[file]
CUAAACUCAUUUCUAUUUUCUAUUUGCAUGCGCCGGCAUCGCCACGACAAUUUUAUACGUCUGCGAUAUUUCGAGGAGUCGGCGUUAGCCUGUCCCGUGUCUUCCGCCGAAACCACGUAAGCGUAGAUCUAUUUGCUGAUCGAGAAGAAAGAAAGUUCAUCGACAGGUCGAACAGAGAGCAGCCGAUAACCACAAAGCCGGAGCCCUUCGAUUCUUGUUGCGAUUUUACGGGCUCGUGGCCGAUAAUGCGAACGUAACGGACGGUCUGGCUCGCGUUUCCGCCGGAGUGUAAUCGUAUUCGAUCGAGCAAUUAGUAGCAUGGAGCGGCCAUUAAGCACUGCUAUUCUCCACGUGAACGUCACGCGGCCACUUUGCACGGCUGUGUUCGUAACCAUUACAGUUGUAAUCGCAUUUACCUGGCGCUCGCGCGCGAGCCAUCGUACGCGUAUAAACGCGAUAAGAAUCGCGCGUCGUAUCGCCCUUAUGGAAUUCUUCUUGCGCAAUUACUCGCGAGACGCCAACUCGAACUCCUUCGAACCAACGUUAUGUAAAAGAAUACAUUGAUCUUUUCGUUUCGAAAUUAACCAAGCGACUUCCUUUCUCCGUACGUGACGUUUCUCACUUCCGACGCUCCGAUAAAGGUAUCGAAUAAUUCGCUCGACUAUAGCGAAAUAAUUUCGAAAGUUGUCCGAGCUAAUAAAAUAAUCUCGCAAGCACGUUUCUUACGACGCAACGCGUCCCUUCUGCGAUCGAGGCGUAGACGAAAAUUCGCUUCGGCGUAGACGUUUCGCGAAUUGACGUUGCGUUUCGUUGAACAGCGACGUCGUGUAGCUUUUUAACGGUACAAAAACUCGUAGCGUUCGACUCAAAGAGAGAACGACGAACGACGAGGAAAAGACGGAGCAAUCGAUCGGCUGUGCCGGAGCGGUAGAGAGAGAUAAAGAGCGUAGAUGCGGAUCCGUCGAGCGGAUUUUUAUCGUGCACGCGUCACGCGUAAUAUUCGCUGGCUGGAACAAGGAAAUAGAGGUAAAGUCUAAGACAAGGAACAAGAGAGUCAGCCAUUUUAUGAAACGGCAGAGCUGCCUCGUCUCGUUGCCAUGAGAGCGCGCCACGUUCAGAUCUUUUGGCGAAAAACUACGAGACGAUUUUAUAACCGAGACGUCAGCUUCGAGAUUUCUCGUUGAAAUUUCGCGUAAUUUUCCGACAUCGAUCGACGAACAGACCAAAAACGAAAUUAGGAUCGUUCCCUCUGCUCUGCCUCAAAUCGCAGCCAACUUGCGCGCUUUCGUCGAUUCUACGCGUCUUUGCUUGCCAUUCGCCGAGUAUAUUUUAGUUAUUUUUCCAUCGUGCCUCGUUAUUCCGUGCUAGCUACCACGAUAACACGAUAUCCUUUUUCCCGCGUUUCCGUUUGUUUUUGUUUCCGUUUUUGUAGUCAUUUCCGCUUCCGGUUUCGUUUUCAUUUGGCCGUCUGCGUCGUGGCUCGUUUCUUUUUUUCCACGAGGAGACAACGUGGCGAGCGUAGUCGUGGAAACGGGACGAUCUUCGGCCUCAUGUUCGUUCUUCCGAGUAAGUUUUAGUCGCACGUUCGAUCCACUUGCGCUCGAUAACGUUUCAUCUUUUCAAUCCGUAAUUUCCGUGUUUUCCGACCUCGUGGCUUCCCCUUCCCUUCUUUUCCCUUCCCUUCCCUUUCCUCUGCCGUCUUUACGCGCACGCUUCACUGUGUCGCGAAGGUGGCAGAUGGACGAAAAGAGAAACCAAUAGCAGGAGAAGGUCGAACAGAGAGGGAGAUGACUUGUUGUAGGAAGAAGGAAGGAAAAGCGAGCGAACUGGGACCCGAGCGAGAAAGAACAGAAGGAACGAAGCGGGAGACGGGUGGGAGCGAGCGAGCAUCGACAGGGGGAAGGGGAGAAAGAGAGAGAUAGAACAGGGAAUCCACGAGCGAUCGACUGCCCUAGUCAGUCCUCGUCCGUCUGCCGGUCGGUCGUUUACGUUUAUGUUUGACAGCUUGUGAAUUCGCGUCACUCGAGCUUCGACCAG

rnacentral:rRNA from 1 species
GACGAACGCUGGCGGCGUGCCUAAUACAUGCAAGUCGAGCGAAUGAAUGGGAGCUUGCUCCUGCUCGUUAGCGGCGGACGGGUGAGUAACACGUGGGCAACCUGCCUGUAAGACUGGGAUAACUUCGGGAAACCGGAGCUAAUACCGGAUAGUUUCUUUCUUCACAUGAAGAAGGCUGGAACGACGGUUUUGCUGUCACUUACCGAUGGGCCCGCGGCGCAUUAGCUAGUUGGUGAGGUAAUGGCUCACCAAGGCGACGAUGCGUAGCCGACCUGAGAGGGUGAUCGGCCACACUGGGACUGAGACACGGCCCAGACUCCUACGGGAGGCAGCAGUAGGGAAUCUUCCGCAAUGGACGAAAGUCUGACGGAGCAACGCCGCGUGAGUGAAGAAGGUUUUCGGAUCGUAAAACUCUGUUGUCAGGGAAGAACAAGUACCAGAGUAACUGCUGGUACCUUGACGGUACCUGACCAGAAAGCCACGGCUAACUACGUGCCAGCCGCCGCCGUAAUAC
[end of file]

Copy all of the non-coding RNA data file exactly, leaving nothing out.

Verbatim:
CUAAACUCAUUUCUAUUUUCUAUUUGCAUGCGCCGGCAUCGCCACGACAAUUUUAUACGUCUGCGAUAUUUCGAGGAGUCGGCGUUAGCCUGUCCCGUGUCUUCCGCCGAAACCACGUAAGCGUAGAUCUAUUUGCUGAUCGAGAAGAAAGAAAGUUCAUCGACAGGUCGAACAGAGAGCAGCCGAUAACCACAAAGCCGGAGCCCUUCGAUUCUUGUUGCGAUUUUACGGGCUCGUGGCCGAUAAUGCGAACGUAACGGACGGUCUGGCUCGCGUUUCCGCCGGAGUGUAAUCGUAUUCGAUCGAGCAAUUAGUAGCAUGGAGCGGCCAUUAAGCACUGCUAUUCUCCACGUGAACGUCACGCGGCCACUUUGCACGGCUGUGUUCGUAACCAUUACAGUUGUAAUCGCAUUUACCUGGCGCUCGCGCGCGAGCCAUCGUACGCGUAUAAACGCGAUAAGAAUCGCGCGUCGUAUCGCCCUUAUGGAAUUCUUCUUGCGCAAUUACUCGCGAGACGCCAACUCGAACUCCUUCGAACCAACGUUAUGUAAAAGAAUACAUUGAUCUUUUCGUUUCGAAAUUAACCAAGCGACUUCCUUUCUCCGUACGUGACGUUUCUCACUUCCGACGCUCCGAUAAAGGUAUCGAAUAAUUCGCUCGACUAUAGCGAAAUAAUUUCGAAAGUUGUCCGAGCUAAUAAAAUAAUCUCGCAAGCACGUUUCUUACGACGCAACGCGUCCCUUCUGCGAUCGAGGCGUAGACGAAAAUUCGCUUCGGCGUAGACGUUUCGCGAAUUGACGUUGCGUUUCGUUGAACAGCGACGUCGUGUAGCUUUUUAACGGUACAAAAACUCGUAGCGUUCGACUCAAAGAGAGAACGACGAACGACGAGGAAAAGACGGAGCAAUCGAUCGGCUGUGCCGGAGCGGUAGAGAGAGAUAAAGAGCGUAGAUGCGGAUCCGUCGAGCGGAUUUUUAUCGUGCACGCGUCACGCGUAAUAUUCGCUGGCUGGAACAAGGAAAUAGAGGUAAAGUCUAAGACAAGGAACAAGAGAGUCAGCCAUUUUAUGAAACGGCAGAGCUGCCUCGUCUCGUUGCCAUGAGAGCGCGCCACGUUCAGAUCUUUUGGCGAAAAACUACGAGACGAUUUUAUAACCGAGACGUCAGCUUCGAGAUUUCUCGUUGAAAUUUCGCGUAAUUUUCCGACAUCGAUCGACGAACAGACCAAAAACGAAAUUAGGAUCGUUCCCUCUGCUCUGCCUCAAAUCGCAGCCAACUUGCGCGCUUUCGUCGAUUCUACGCGUCUUUGCUUGCCAUUCGCCGAGUAUAUUUUAGUUAUUUUUCCAUCGUGCCUCGUUAUUCCGUGCUAGCUACCACGAUAACACGAUAUCCUUUUUCCCGCGUUUCCGUUUGUUUUUGUUUCCGUUUUUGUAGUCAUUUCCGCUUCCGGUUUCGUUUUCAUUUGGCCGUCUGCGUCGUGGCUCGUUUCUUUUUUUCCACGAGGAGACAACGUGGCGAGCGUAGUCGUGGAAACGGGACGAUCUUCGGCCUCAUGUUCGUUCUUCCGAGUAAGUUUUAGUCGCACGUUCGAUCCACUUGCGCUCGAUAACGUUUCAUCUUUUCAAUCCGUAAUUUCCGUGUUUUCCGACCUCGUGGCUUCCCCUUCCCUUCUUUUCCCUUCCCUUCCCUUUCCUCUGCCGUCUUUACGCGCACGCUUCACUGUGUCGCGAAGGUGGCAGAUGGACGAAAAGAGAAACCAAUAGCAGGAGAAGGUCGAACAGAGAGGGAGAUGACUUGUUGUAGGAAGAAGGAAGGAAAAGCGAGCGAACUGGGACCCGAGCGAGAAAGAACAGAAGGAACGAAGCGGGAGACGGGUGGGAGCGAGCGAGCAUCGACAGGGGGAAGGGGAGAAAGAGAGAGAUAGAACAGGGAAUCCACGAGCGAUCGACUGCCCUAGUCAGUCCUCGUCCGUCUGCCGGUCGGUCGUUUACGUUUAUGUUUGACAGCUUGUGAAUUCGCGUCACUCGAGCUUCGACCAG

rnacentral:rRNA from 1 species
GACGAACGCUGGCGGCGUGCCUAAUACAUGCAAGUCGAGCGAAUGAAUGGGAGCUUGCUCCUGCUCGUUAGCGGCGGACGGGUGAGUAACACGUGGGCAACCUGCCUGUAAGACUGGGAUAACUUCGGGAAACCGGAGCUAAUACCGGAUAGUUUCUUUCUUCACAUGAAGAAGGCUGGAACGACGGUUUUGCUGUCACUUACCGAUGGGCCCGCGGCGCAUUAGCUAGUUGGUGAGGUAAUGGCUCACCAAGGCGACGAUGCGUAGCCGACCUGAGAGGGUGAUCGGCCACACUGGGACUGAGACACGGCCCAGACUCCUACGGGAGGCAGCAGUAGGGAAUCUUCCGCAAUGGACGAAAGUCUGACGGAGCAACGCCGCGUGAGUGAAGAAGGUUUUCGGAUCGUAAAACUCUGUUGUCAGGGAAGAACAAGUACCAGAGUAACUGCUGGUACCUUGACGGUACCUGACCAGAAAGCCACGGCUAACUACGUGCCAGCCGCCGCCGUAAUAC